Tsunami Advisory

So, I’m sitting here watching weather porn—more commonly referred to as the weather channel, and a blaring warning started scrolling across the bottom of the screen. Apparently, most of the pacific coastline is under a “tsunami advisory” post Peruvian earthquake (if you have loved ones in Peru—hope that they are all ok!).

Now, I’m all for advanced warning, so I immediately called Chloe to tell her that her evening bike ride on the strand might be a bit soggier than anticipated. Logically, she inquired as to what exactly an advisory was.

Yeah, still don’t know. It sounds less dire than a warning or a watch. I understand that warnings are set off by ocean sensors when the ocean levels change. Presumably the levels all change when the actual earth moves, yes? I also understand, largely because of Chad on CNN, that there aren’t very many sensors along the Peruvian coastline, so they might not know until it is in progress that something is headed to them locally.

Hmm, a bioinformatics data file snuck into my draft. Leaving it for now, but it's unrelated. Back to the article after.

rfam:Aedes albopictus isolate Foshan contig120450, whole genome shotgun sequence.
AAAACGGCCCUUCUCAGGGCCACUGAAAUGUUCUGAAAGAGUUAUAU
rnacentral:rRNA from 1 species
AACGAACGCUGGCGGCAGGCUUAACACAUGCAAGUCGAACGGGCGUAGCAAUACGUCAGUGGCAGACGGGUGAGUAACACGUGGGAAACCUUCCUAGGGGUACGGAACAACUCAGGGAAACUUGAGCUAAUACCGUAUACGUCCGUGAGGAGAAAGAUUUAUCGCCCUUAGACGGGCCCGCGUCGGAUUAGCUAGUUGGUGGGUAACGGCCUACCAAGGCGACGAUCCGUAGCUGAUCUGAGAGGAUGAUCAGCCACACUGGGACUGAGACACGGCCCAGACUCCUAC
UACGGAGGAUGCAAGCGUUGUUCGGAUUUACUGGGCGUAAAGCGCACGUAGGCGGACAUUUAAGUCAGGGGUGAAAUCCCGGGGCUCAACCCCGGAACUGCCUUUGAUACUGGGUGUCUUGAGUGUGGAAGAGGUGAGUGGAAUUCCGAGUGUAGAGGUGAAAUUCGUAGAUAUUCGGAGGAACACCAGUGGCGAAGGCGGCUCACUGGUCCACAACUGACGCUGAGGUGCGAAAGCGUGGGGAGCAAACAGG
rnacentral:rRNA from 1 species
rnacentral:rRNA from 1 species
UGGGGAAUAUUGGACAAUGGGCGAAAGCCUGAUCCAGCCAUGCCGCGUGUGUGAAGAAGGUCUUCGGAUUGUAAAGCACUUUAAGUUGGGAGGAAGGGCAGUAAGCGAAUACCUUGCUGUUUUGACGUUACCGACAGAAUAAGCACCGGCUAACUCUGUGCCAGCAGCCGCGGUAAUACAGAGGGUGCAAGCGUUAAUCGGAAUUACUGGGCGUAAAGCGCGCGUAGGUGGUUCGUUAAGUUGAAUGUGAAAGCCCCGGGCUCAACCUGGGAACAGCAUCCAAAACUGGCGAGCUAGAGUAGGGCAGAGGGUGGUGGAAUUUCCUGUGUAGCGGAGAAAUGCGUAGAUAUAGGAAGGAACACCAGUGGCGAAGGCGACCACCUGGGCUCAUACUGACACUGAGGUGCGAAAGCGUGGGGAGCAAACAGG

That’s not so much comforting.

Our advisory came from Hawaii. Hawaii is looking at being double screwed as they are facing a tropical storm from one direction and a potential tsunami from another. Talk about a bad week.

However, after reading Hawaii’s alert, I’m still not certain what this all means. Should we all be engaging in weather porn? Should I head east instead of having a casual sunset viewing party of one? Should I just watch more weather channel and CNN in hope that some of the incredibly hot meteorologists are sent out into the rain, where they will be sporting jaunting baseball caps while watching their clothes get nearly blown from their wet, dripping bodies…muscles rippling…

Wait, what was the question?

Anyway, I just think that a “tsunami advisory” should actually include advice. Otherwise, they should just call it “tsunami casual mention”.


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